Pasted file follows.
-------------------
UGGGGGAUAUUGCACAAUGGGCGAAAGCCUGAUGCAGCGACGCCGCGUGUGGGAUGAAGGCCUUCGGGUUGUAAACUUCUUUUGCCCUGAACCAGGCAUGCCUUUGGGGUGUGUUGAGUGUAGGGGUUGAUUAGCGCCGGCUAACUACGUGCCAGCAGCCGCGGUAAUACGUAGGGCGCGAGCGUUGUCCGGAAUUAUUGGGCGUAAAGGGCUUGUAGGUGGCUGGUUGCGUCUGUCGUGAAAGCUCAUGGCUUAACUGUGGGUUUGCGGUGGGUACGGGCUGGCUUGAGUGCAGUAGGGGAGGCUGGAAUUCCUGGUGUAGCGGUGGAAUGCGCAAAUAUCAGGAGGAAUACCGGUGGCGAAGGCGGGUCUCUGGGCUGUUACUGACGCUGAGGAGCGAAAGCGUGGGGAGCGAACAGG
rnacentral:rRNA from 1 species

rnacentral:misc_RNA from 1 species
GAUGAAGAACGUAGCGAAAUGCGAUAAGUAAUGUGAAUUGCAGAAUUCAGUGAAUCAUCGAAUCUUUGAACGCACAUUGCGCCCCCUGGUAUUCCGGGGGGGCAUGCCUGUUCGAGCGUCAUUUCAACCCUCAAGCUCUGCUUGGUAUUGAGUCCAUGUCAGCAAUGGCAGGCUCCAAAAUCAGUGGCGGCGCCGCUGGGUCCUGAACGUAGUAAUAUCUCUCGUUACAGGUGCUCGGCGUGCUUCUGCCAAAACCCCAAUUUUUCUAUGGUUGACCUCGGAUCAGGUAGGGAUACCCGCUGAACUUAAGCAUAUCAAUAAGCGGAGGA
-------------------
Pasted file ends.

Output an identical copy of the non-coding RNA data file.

UGGGGGAUAUUGCACAAUGGGCGAAAGCCUGAUGCAGCGACGCCGCGUGUGGGAUGAAGGCCUUCGGGUUGUAAACUUCUUUUGCCCUGAACCAGGCAUGCCUUUGGGGUGUGUUGAGUGUAGGGGUUGAUUAGCGCCGGCUAACUACGUGCCAGCAGCCGCGGUAAUACGUAGGGCGCGAGCGUUGUCCGGAAUUAUUGGGCGUAAAGGGCUUGUAGGUGGCUGGUUGCGUCUGUCGUGAAAGCUCAUGGCUUAACUGUGGGUUUGCGGUGGGUACGGGCUGGCUUGAGUGCAGUAGGGGAGGCUGGAAUUCCUGGUGUAGCGGUGGAAUGCGCAAAUAUCAGGAGGAAUACCGGUGGCGAAGGCGGGUCUCUGGGCUGUUACUGACGCUGAGGAGCGAAAGCGUGGGGAGCGAACAGG
rnacentral:rRNA from 1 species

rnacentral:misc_RNA from 1 species
GAUGAAGAACGUAGCGAAAUGCGAUAAGUAAUGUGAAUUGCAGAAUUCAGUGAAUCAUCGAAUCUUUGAACGCACAUUGCGCCCCCUGGUAUUCCGGGGGGGCAUGCCUGUUCGAGCGUCAUUUCAACCCUCAAGCUCUGCUUGGUAUUGAGUCCAUGUCAGCAAUGGCAGGCUCCAAAAUCAGUGGCGGCGCCGCUGGGUCCUGAACGUAGUAAUAUCUCUCGUUACAGGUGCUCGGCGUGCUUCUGCCAAAACCCCAAUUUUUCUAUGGUUGACCUCGGAUCAGGUAGGGAUACCCGCUGAACUUAAGCAUAUCAAUAAGCGGAGGA